What is child abuse and neglect?
Child abuse is the physical, sexual, or emotional maltreatment of a child (ages 0 to 18) by a parent, family member, other caregiver, or non-caregiver. Physical abuse will involve cuts, broken or fractured bones, burns, internal injuries, or "severe and frequent bruising" inflicted on a child by other than accidental means. Sexual abuse will involve sexual intercourse, other sexual contact, or exploitation. Emotional damage means harm to a child’s psychological or intellectual functioning, exhibited to a severe degree.
Child neglect is the failure of a parent or other caregiver to provide necessary care (including supervision), food, clothing, shelter, and medical care - for reasons other than poverty - so as to seriously endanger the physical health of a child.
What should I do if I believe that a child is abused or neglected?
If you believe that a child (a boy or girl ages 0 to 18) has been
you should report your concerns to La Crosse County Human Services.
How do I report concerns?
Call the Human Services intake office, Monday through Friday, 8:00 to 4:30:
What if I'm not sure if I should report?
Please report! Human Services staff will make follow-up decisions. We at Human Services cannot protect children unless they are brought to our attention.
Will the family know that I reported?
State law protects reporter confidentiality. We will not disclose your name to the individuals whom you report. You should not be afraid of reprisals if you report.
What will happen when I report child protection concerns?
A social service specialist will write up your report. They will need to know the names, ages, and addresses of family members. They will need to hear information about the suspected abuse or neglect. Please be prepared to provide information. The more information that you share, the better subsequent agency decision-making will be.
information is needed when I report?
What will happen when the social worker sees the child and family?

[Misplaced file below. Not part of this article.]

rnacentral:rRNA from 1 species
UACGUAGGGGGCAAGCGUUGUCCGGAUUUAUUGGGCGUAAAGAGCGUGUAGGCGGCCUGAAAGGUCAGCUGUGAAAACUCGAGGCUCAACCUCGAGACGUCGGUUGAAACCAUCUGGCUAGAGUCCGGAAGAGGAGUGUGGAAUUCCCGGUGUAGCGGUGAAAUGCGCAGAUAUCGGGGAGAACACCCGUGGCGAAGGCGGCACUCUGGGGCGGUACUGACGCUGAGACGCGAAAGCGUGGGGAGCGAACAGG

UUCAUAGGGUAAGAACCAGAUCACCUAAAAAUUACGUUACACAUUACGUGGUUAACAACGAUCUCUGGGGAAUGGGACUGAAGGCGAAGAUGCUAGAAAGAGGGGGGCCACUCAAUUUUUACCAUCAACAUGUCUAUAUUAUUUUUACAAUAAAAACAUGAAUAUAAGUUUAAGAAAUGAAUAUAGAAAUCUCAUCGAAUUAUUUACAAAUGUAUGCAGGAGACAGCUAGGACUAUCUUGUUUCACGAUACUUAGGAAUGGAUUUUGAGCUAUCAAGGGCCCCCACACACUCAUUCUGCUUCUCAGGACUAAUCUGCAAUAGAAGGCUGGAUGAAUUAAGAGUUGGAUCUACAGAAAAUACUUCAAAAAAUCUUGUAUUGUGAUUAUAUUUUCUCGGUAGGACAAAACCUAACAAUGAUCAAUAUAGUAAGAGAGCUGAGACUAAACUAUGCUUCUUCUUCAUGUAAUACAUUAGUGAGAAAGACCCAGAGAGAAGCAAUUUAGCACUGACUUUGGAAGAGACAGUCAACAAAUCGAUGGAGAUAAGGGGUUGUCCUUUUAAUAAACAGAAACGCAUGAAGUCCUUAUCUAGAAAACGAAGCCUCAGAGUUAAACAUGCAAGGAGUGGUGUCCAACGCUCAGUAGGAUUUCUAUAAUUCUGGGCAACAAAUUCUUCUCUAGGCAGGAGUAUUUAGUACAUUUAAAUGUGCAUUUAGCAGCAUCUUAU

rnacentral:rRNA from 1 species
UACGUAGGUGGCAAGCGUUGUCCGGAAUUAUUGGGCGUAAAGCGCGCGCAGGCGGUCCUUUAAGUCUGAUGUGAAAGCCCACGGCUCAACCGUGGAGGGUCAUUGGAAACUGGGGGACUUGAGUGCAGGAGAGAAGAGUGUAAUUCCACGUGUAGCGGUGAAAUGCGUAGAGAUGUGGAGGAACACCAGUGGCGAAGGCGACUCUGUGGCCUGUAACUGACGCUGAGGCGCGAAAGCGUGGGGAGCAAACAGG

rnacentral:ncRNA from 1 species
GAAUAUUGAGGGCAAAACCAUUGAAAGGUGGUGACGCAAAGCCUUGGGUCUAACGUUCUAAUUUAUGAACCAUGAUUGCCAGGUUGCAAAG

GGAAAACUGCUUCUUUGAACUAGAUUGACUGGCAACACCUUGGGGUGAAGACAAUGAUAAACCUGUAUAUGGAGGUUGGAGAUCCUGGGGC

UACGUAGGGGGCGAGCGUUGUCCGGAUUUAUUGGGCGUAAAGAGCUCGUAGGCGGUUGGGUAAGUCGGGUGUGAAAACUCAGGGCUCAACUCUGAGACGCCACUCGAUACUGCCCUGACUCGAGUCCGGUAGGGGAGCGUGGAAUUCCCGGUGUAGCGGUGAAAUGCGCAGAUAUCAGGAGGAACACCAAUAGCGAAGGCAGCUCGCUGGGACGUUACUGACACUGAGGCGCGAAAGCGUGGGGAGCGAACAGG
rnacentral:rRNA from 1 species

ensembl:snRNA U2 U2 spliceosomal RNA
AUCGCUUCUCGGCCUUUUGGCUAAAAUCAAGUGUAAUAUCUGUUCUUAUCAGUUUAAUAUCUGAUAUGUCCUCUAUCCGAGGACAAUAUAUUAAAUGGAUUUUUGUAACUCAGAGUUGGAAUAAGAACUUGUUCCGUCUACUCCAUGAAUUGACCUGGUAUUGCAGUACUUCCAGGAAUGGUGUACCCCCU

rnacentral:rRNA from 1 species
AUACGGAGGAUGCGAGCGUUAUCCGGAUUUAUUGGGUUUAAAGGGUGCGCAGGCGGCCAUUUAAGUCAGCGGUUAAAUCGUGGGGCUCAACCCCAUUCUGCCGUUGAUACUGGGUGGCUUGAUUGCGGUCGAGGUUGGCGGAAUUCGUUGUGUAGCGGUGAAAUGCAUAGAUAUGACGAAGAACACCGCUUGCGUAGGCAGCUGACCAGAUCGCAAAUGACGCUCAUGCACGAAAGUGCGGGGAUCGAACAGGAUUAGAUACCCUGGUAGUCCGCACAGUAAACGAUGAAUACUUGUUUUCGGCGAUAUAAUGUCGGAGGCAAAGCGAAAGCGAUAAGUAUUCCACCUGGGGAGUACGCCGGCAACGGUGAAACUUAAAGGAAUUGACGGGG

Social workers will interview children and family members regarding the maltreatment concerns. They will assess child safety, child maltreatment risk, and family strengths and needs. They will make determinations as to whether maltreatment as defined in state statutes has occurred. They will make decisions as to what sort of services might benefit the children and family.
Will the child be removed from their family?
Human Services strives to keep families together. We serve most children and families in the family home. An internal statistical review (2004) indicates of all reports we receive, children are removed from the home less than 5% of the time. Court action is necessary whenever a child is removed from the parental home.
In removal situations, Human Service actions are guided by Wisconsin State Statutes (specifically, SS 48, also known as the Children’s Code). These statutes set forth agency child protection responsibilities, situations in which agencies may petition the Courts for involvement in children's lives, dispositions which Courts might enter on children's behalf, criteria which must be met in order to take children into custody, places in which children taken into custody may be held, and more. These Statutes closely circumscribe social workers’ actions. Children and families are awarded many rights by these statutes.
Will I learn what happened?
You will receive follow-up correspondence if you are a mandated reporter. Mandated reporters are other professionals who are required by law to report suspected maltreatment. The letter will provide basic information about the intervention, only, however, as state law provides for family confidentiality. The social worker will not write you if you are a non-mandated reporter as state law prohibits this breach of family confidentiality.
Mandated reporters are: physician, coroner, medical examiner, nurse, dentist, chiropractor, optometrist, acupuncturist, medical or mental health professional, social worker, marriage and family therapist, professional counselor, public assistance worker, (which includes a financial and employment planner), school teacher, school administrator , school counselor, mediator, child-care worker, day care provider, alcohol or other drug counselor, physical therapist and their assistants, occupational therapists, dietitian, speech-language pathologist, audiologist, emergency medical technician, first responder, police or law enforcement officer, court-appointed special advocate, clergy.